A 2014 Christianity Today Award of Merit winner from the best-selling author of War Room!
Devin Hillis is a struggling documentary filmmaker who stumbles onto the story of a lifetime while interviewing subjects at an Arizona retirement home. One of the employees―a seemingly ordinary young woman named Treha Langsam―has no family and little memory of her childhood. She does, however, possess an extraordinary gift for connecting with dementia patients. Even more gripping is the story that begins to unravel when a cryptic letter from one of the home’s residents reveals clues to Treha’s shrouded past, setting into motion a chain of events that captures national interest.
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“Our stories intertwine in ways we can’t know when we first hear them. And maybe the point of all this is that we’d do well to listen.”
Treha Langsam is a mysterious young woman who has fallen through the cracks, much like many of the elderly people she works with at Desert Gardens. But Miriam Howard, director of the assisted-living facility, sees her extraordinary gift and untapped potential. Treha is a whisperer of sorts, calling those who have slipped into dementia back to a life of vibrant, if only temporary, clarity.
When a documentary team stumbles onto Treha’s story, her gift is discovered and the search for answers about her past begins. As the truth slowly unravels, Treha and those around her must each tackle a difficult question: if this is as good as life gets, is that enough?
With authentic characterizations and riveting prose, bestselling author Chris Fabry delivers an uplifting, human tale of an ordinary woman with an extraordinary gift.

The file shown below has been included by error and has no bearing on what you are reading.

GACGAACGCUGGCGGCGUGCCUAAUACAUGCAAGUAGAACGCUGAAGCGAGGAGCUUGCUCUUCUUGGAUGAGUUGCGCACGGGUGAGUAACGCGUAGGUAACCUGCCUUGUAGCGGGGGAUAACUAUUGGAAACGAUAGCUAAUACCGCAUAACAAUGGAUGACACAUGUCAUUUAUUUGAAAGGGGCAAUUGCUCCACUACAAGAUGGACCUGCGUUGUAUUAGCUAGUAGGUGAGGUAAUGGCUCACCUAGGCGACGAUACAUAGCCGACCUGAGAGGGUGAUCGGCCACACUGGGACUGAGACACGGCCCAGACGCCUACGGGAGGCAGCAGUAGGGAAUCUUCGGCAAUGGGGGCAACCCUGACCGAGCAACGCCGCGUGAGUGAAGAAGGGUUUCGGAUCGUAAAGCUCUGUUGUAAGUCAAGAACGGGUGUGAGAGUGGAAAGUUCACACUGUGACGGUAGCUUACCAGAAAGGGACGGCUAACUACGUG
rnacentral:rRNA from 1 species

Devin Hillis makes documentaries about the elderly. The shorter ones are played at funerals as tributes to the deceased. Devin’s prize project, however, is a major documentary featuring the residents at Desert Gardens, an assisted-living facility. The problem is, Devin doesn’t have the heart to collect his fees from bereaved family members, and his big project isn’t finished, so basically, he has almost no income. With his landlord threatening eviction, and his partner wanting out, Devin still believes in his documentary. As Devin continues to film at Desert Gardens, he notices Treha Langsam, an unremarkable-looking woman deeply engaged in conversations with the residents, most of whom seem hopelessly uncommunicative. Treha, the product of foster homes, is a whisperer, and somehow has been blessed with the ability to communicate with those with dementia and Alzheimer’s. Writing in his trademark lyrical style, Fabry (Borders of the Heart, 2012), spins a poignant tale about our society’s invisible seniors and the woman and man who see their potential. --Shelley Mosley
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